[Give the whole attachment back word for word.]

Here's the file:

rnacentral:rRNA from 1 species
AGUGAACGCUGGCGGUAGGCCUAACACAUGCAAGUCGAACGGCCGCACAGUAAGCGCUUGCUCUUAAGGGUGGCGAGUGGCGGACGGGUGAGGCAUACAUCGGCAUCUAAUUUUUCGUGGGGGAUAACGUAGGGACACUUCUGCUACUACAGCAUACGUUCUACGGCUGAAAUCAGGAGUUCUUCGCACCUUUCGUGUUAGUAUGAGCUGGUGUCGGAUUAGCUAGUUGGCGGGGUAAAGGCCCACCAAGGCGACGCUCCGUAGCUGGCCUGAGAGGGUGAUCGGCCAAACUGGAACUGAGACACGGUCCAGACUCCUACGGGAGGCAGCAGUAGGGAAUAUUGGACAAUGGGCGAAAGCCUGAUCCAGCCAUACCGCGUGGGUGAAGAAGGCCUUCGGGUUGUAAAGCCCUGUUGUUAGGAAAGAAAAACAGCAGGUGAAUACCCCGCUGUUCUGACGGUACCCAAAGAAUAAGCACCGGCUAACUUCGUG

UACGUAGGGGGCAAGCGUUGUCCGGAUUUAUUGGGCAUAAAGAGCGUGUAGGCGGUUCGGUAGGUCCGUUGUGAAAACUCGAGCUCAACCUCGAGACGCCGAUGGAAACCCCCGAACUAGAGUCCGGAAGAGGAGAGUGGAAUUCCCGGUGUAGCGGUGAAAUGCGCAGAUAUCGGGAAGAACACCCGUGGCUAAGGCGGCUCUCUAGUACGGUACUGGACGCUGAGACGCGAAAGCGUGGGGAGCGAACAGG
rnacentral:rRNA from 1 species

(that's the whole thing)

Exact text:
rnacentral:rRNA from 1 species
AGUGAACGCUGGCGGUAGGCCUAACACAUGCAAGUCGAACGGCCGCACAGUAAGCGCUUGCUCUUAAGGGUGGCGAGUGGCGGACGGGUGAGGCAUACAUCGGCAUCUAAUUUUUCGUGGGGGAUAACGUAGGGACACUUCUGCUACUACAGCAUACGUUCUACGGCUGAAAUCAGGAGUUCUUCGCACCUUUCGUGUUAGUAUGAGCUGGUGUCGGAUUAGCUAGUUGGCGGGGUAAAGGCCCACCAAGGCGACGCUCCGUAGCUGGCCUGAGAGGGUGAUCGGCCAAACUGGAACUGAGACACGGUCCAGACUCCUACGGGAGGCAGCAGUAGGGAAUAUUGGACAAUGGGCGAAAGCCUGAUCCAGCCAUACCGCGUGGGUGAAGAAGGCCUUCGGGUUGUAAAGCCCUGUUGUUAGGAAAGAAAAACAGCAGGUGAAUACCCCGCUGUUCUGACGGUACCCAAAGAAUAAGCACCGGCUAACUUCGUG

UACGUAGGGGGCAAGCGUUGUCCGGAUUUAUUGGGCAUAAAGAGCGUGUAGGCGGUUCGGUAGGUCCGUUGUGAAAACUCGAGCUCAACCUCGAGACGCCGAUGGAAACCCCCGAACUAGAGUCCGGAAGAGGAGAGUGGAAUUCCCGGUGUAGCGGUGAAAUGCGCAGAUAUCGGGAAGAACACCCGUGGCUAAGGCGGCUCUCUAGUACGGUACUGGACGCUGAGACGCGAAAGCGUGGGGAGCGAACAGG
rnacentral:rRNA from 1 species